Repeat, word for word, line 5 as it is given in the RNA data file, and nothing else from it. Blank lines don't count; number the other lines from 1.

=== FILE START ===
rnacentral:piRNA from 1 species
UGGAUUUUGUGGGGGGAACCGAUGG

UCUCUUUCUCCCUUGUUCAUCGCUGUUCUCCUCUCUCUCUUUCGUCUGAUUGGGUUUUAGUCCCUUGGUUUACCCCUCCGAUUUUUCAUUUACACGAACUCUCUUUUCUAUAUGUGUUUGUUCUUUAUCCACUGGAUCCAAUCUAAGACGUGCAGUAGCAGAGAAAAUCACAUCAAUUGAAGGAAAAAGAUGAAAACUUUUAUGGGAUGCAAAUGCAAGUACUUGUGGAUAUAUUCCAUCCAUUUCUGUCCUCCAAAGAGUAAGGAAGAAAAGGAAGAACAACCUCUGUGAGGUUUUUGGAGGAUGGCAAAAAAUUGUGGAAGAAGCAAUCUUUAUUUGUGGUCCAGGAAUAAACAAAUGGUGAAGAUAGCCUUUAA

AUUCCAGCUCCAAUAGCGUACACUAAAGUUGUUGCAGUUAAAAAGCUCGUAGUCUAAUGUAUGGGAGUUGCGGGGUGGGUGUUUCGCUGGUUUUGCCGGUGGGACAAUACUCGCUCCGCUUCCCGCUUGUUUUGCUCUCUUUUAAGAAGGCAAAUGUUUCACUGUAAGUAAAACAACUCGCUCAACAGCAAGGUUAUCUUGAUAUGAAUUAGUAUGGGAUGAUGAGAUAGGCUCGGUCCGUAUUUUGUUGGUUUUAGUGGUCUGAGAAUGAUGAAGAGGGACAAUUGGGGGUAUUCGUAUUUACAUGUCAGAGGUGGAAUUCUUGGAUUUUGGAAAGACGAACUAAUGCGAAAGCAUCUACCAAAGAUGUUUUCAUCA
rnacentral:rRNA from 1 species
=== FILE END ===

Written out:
rnacentral:rRNA from 1 species